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21 Things You May Not Know About the Indian Act: Helping Canadians Make Reconciliation with Indigenous Peoples a Reality by [Bob Joseph]

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21 Things You May Not Know About the Indian Act: Helping Canadians Make Reconciliation with Indigenous Peoples a Reality Kindle Edition

4.7 out of 5 stars 879 ratings

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Review

Winner of the Bill Duthie Booksellers' Choice Award

"From declaring cultural ceremonies illegal, to prohibiting pool hall owners from granting Indigenous Peoples entrance, from forbidding the speaking of Indigenous languages, to the devastating policy that created residential schools, Bob Joseph reveals the hold this paternalistic act, with its roots in the 1800s, still has on the lives of Indigenous Peoples in Canada in the twenty-first century. This straightforward book is an invaluable resource. There is much for non-Indigenous people to learn and to do. But equally important, there is much to unlearn and to undo. The time is right for this book."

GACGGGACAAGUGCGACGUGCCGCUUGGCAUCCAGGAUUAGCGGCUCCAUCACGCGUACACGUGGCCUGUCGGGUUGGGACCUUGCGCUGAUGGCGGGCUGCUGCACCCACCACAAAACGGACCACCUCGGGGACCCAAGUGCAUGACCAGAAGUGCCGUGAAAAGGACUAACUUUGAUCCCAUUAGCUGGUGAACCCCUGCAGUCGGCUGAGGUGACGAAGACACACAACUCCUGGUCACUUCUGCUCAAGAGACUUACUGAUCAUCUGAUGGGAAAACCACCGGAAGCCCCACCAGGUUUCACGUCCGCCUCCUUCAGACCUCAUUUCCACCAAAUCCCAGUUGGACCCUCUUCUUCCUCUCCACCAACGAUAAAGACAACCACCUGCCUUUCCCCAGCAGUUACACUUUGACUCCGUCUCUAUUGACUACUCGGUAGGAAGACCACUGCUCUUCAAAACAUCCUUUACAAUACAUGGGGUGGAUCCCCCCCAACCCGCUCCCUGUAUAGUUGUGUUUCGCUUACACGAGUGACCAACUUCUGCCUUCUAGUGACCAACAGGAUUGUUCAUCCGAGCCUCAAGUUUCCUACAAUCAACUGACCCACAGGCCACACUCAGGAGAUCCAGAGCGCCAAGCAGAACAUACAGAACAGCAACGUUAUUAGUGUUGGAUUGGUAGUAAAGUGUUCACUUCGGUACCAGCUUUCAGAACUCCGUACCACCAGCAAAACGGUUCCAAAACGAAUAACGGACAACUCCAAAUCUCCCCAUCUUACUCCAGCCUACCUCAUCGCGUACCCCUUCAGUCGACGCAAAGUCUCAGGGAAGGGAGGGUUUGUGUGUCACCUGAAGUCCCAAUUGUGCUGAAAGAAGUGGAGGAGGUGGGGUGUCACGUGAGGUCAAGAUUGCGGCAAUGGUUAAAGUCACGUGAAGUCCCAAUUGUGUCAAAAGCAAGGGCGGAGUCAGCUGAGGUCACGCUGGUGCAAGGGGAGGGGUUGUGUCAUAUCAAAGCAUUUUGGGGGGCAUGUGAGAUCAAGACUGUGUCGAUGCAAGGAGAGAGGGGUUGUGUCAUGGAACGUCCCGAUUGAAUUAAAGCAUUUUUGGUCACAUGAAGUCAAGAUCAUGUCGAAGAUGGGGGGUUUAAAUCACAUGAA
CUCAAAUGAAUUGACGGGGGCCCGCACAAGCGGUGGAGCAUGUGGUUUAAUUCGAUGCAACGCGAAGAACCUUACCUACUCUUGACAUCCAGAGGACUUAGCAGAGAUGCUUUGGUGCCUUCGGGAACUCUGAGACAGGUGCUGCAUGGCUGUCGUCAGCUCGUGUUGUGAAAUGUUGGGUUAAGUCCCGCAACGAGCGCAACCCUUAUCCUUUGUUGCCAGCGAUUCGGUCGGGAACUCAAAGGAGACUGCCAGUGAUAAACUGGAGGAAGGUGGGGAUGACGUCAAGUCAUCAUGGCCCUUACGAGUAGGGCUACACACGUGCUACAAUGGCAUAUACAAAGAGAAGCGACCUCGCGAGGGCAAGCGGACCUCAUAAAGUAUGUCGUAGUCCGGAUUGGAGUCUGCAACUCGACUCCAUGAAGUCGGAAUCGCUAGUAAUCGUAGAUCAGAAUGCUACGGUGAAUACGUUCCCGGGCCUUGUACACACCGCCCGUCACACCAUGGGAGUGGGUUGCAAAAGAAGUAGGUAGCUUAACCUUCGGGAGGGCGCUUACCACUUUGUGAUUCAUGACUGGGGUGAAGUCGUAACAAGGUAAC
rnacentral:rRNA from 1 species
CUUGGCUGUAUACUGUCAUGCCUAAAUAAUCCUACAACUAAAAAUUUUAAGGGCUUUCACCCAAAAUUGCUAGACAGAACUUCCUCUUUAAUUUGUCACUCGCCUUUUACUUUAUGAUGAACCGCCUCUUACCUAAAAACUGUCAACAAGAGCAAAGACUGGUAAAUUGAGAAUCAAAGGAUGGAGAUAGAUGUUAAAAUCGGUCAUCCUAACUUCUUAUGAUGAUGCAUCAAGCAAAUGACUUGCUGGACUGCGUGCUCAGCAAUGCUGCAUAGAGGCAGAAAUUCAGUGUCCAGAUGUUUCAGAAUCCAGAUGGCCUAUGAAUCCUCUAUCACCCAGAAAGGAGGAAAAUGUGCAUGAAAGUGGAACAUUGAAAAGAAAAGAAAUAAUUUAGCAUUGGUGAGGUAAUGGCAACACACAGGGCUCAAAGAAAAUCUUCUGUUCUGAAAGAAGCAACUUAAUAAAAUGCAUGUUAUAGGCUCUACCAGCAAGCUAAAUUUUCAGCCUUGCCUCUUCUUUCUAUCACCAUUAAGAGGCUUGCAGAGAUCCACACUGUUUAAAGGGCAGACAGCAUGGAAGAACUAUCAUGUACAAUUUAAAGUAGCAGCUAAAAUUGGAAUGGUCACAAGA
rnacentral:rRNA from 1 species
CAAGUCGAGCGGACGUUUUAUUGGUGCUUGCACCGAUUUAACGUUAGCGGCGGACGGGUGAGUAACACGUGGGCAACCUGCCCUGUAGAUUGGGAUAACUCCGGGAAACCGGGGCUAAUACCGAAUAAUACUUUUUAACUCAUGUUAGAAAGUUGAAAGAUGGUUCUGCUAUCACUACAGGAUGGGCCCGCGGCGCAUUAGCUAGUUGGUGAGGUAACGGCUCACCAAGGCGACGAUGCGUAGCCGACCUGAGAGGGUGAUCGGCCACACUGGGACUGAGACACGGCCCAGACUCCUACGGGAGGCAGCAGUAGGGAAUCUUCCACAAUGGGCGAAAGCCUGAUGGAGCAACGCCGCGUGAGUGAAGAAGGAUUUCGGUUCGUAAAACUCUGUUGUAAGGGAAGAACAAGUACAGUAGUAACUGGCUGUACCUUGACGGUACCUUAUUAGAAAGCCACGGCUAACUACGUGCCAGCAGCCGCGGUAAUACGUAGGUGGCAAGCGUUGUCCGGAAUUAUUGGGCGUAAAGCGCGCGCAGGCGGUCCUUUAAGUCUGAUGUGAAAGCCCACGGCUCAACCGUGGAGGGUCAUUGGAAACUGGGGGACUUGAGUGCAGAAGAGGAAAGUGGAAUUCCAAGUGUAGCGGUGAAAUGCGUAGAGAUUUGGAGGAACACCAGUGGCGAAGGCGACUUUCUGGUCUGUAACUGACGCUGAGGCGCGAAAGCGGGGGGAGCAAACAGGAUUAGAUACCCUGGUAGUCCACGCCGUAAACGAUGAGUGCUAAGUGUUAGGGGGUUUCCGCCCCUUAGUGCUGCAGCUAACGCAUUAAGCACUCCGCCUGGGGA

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Shelagh Rogers, O.C., Truth and Reconciliation Commission of Canada Honorary Witness

"Increasing Canadians' knowledge about the terrible foundation this country has been built on is a critical part of reconciliation. Bob Joseph has highlighted some of the unbelievable provisions of the Indian Act and how they have impacted First Nations in Canada, and gives a brief overview of what we may replace it with going forward. His book provides helpful context to the dialogue that needs to take place in Canada."